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The "find x" question had me on the floor. I've been tempted to do that on lots of occasioans.
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  #56  
Old 27 February 2007, 06:56 PM
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Quote:
Originally Posted by inkrose115 View Post
One student used to draw crude doodles of the teacher on the board, sometimes on class break (we have four hour classes so we got a halfway break). Anyway, one day the teacher was annoyed at his rudeness, and drew a picture of the student falling down the chimmeny of a house. (He was our background teacher and could whip up a great background with great perspective on the whiteboard in minutes).
I used to draw frogs on the chalkboard in the writing lab of my college (I worked there). The professor that was in charge of the writing lab was one of the professors who graded my senior thesis. She returned it my paper covered in frog stickers. Had to be at least 20 different styles of frog stickers. Many of them had speech bubbles commenting on the text.

That was pretty cool.
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  #57  
Old 28 February 2007, 05:58 AM
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I was the kid in my seventh grade science class, who, when told to write the essay on what state of matter I thought I was, wrote five pages of philosophy.

Yes, yes I did.

I skipped the scientific states of matter as I knew them (solid, liquid, gas), and said, "Well, I think that we can never truly know what state of matter we are. After all, as Lao Tzu said, 'Am I dreaming that I am the butterfly, or am I the butterfly, dreaming that I am me?'"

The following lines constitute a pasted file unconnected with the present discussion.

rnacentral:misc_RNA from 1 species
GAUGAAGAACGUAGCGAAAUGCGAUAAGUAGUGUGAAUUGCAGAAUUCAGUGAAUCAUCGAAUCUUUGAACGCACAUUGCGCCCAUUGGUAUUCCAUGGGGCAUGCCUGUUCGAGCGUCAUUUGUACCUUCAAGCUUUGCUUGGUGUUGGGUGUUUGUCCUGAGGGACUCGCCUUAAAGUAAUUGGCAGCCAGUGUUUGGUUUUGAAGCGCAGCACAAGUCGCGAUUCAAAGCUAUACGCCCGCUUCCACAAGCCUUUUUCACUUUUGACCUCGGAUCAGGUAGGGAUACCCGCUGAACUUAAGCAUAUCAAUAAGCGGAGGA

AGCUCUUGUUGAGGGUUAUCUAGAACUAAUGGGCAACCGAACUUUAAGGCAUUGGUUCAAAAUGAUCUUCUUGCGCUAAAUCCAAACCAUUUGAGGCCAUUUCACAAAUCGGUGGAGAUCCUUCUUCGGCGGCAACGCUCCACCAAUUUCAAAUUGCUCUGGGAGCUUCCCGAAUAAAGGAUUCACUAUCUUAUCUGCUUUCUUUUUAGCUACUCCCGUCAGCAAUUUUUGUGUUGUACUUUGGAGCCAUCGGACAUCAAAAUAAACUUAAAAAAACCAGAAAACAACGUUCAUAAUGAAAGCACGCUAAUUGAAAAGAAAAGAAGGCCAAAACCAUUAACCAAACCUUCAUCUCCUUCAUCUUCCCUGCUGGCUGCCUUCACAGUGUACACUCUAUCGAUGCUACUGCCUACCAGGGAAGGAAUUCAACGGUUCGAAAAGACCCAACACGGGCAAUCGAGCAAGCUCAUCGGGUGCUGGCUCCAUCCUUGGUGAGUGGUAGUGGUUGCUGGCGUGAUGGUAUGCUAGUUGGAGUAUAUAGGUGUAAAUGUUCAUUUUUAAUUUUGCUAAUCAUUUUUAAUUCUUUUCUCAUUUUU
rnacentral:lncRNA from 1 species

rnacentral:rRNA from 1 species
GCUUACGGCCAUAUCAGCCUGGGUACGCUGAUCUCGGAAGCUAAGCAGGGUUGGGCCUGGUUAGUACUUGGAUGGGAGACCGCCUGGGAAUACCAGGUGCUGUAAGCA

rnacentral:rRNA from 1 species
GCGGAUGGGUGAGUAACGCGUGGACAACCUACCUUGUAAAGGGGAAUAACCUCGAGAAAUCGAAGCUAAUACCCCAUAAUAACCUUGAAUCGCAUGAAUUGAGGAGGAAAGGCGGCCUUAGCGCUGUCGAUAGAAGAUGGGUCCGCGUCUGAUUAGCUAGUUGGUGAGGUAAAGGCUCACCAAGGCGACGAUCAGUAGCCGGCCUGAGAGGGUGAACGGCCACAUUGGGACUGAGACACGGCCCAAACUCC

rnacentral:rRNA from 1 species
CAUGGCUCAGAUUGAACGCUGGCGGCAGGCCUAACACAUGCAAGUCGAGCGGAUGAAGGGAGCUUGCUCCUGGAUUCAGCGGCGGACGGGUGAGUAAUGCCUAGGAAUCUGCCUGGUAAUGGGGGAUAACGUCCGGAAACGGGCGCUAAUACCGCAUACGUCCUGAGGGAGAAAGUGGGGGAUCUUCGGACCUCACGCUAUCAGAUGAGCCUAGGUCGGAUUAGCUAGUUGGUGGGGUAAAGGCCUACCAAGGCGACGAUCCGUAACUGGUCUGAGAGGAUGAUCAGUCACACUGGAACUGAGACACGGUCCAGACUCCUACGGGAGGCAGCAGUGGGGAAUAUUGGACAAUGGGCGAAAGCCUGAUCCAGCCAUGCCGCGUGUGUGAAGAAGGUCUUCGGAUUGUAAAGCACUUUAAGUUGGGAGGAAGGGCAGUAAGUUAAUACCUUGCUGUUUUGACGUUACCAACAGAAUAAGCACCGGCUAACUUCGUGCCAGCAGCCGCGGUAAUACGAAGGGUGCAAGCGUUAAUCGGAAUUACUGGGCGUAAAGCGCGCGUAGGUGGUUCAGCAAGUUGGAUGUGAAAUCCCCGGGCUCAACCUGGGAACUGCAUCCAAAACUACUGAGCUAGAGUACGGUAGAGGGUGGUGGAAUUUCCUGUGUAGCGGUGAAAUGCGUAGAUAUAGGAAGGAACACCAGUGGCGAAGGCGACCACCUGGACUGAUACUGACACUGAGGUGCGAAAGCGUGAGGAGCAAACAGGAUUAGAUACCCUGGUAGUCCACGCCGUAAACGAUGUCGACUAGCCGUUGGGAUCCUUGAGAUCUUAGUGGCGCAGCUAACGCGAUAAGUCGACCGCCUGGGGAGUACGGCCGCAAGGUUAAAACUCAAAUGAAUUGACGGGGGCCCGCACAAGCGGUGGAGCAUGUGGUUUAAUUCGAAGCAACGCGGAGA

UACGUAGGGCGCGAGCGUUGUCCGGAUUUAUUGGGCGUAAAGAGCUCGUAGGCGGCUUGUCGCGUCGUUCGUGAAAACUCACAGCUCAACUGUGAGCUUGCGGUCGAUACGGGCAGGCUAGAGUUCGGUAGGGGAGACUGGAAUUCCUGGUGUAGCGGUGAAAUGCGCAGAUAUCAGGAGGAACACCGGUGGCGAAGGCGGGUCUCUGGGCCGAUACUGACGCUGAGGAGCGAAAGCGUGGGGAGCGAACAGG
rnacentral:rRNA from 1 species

I went on in this vein for five pages. And this was all done in class, mind you. No, I didn't write big, no, I didn't skip lines, either. I just wrote, inspired by whatever imp was sitting on my shoulder, whispering in my ear.

My science teacher called my parents.

He told my dad, "I've never seen a seventh grader creative enough to turn a science essay into pure philosophy. I just wanted you to know that, and maybe tell Kate to stick to science in my class."

My dad? Giggled, and said, "She's a (FamilyLastName). We're all wiseasses."

Dad told Mom, who also giggled.

I got an A on the essay, LOL!
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  #58  
Old 28 February 2007, 07:17 PM
Alchemy Alchemy is offline
 
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Quote:
Originally Posted by Ms. K View Post
I was the kid in my seventh grade science class, who, when told to write the essay on what state of matter I thought I was, wrote five pages of philosophy.
We're mostly water and electrolytes held together with amphiphilic molecules. From a state-of-matter standpoint, we're all walking Jello.
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  #59  
Old 28 February 2007, 08:34 PM
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I almost gave a flippant answer on a test just a little while ago. It was a Syntax exam, and we had to provide five sentences following a certain diagram. Mine were of the form "(Pronoun) discussed (pronoun) with (pronoun)." In one sentence all the pronouns had to be co-referent. The professor said that grammaticality was most important, and not to worry if they sounded strange.

Sure enough, I ended up with this: "He discussed himself with himself."

I was going to write "His family had him committed" after it, but chickened out.
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  #60  
Old 02 March 2007, 06:49 AM
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Quote:
Originally Posted by Alchemy View Post
We're mostly water and electrolytes held together with amphiphilic molecules. From a state-of-matter standpoint, we're all walking Jello.
I'd say more like water balloons than jello. You could argue solid or liquid successfully.